Meta Platforms’ subsidiary, Edge Cable Holdings USA, LLC, has applied for a license to construct and operate the Anjana subsea cable system. This is a 4,425-mile (7,121-kilometer) private fiber-optic network connecting Myrtle Beach, South Carolina, and Santander, Spain. The company plans to begin construction in August 2023 and expects the system to be operational by the fourth quarter of 2024.
The Anjana subsea cable system, which will not operate on a common-carrier basis, is designed to address the growing demand for capacity between North America and Europe. It aims to replace aging trans-Atlantic systems and enhance network resilience by establishing new and diverse landings. To achieve this, the Anjana subsea cable will add a total theoretical capacity of approximately 480 terabits per second (Tbps) across its trans-Atlantic route.
Anjana Subsea Cable – An Overview
Meta Platforms’ new subsea cable, called the Anjana System, is a private fiber-optic submarine cable network. The company has applied for a license to land and operate this cable, with construction (cable laying) projected to commence in U.S. territory as early as August 2023. The target ready-for-service date (RFS) is set for the fourth quarter of 2024.
As a non-common-carrier system, the Anjana subsea cable is primarily intended for Meta’s own internal capacity needs. However, the company also plans to potentially provide dark fiber to wholesale and enterprise customers. If Meta were to offer capacity to other carriers or enterprises, the agreements would take the form of individually-negotiated indefeasible rights of use (IRUs).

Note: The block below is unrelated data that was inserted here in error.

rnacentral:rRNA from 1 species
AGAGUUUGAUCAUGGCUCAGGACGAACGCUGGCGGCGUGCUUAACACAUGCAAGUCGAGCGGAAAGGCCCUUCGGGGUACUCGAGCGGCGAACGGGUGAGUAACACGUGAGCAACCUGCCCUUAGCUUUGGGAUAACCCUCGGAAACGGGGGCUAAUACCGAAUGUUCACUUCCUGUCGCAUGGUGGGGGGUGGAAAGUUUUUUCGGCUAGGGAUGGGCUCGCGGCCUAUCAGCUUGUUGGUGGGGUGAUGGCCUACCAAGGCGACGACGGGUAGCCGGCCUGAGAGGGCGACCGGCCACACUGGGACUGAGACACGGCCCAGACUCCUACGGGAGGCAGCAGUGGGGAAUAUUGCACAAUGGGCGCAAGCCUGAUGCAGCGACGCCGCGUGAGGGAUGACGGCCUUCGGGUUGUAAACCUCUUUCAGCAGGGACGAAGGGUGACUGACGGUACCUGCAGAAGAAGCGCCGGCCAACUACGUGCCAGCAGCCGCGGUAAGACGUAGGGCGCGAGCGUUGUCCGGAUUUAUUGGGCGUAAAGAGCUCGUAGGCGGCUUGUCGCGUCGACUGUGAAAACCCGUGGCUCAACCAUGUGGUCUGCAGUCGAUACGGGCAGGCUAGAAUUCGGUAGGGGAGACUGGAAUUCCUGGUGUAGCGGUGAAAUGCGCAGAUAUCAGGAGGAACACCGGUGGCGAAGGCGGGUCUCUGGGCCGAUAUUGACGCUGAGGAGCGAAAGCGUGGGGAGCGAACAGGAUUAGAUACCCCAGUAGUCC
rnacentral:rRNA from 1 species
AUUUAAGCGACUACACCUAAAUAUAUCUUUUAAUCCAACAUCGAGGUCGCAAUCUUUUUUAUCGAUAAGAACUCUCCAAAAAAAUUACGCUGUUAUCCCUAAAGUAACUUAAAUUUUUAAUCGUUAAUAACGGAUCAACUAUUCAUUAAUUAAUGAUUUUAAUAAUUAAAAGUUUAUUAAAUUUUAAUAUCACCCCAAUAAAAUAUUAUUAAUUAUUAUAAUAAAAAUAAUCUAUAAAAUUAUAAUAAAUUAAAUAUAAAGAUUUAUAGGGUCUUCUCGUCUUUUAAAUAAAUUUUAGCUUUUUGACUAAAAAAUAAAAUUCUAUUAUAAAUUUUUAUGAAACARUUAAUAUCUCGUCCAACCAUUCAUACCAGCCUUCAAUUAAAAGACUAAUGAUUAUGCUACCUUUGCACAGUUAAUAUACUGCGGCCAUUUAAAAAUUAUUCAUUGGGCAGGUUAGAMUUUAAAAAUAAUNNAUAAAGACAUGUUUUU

Geographical Reach of the Cable
The Anjana subsea cable will connect Myrtle Beach, South Carolina, in the United States, and Santander in Spain.
Myrtle Beach, South Carolina Landing Point
In Myrtle Beach, South Carolina, the beach manhole will be situated in Myrtle Beach State Park (33.650743°, -78.927296°) and the cable landing station will be located at 1401 Howard Street (33.674439°, -78.944447°). Notably, this cable landing station is owned by DC BLOX, a data center provider focused on the southeastern United States.
Meta will enter into an initial 25-year lease with DC BLOX for colocation space for power feed equipment and will retain operational authority over the Anjana subsea cable landing facilities, providing direction to DC BLOX in all matters relating to the Anjana system.
It’s also worth mentioning that Google’s Firmina subsea cable, spanning 9,020 miles (14,517 kilometers) and connecting Myrtle Beach, South Carolina, with Brazil, Uruguay, and Argentina, will also land at DC BLOX’s cable landing station at 1401 Howard Street.
Santander, Spain Landing Point
In Santander, Spain, the beach manhole will be situated at Playa Virgen del Mar (43.476964°, -3.876923°) and the cable landing station will be located at Calle Corceño, 37, 39012 (43.463087°, -3.857289°). Notably, the cable landing station is owned by Telxius, a provider of subsea cable infrastructure in Europe and the Americas, controlled by Telefónica and Pontegadea.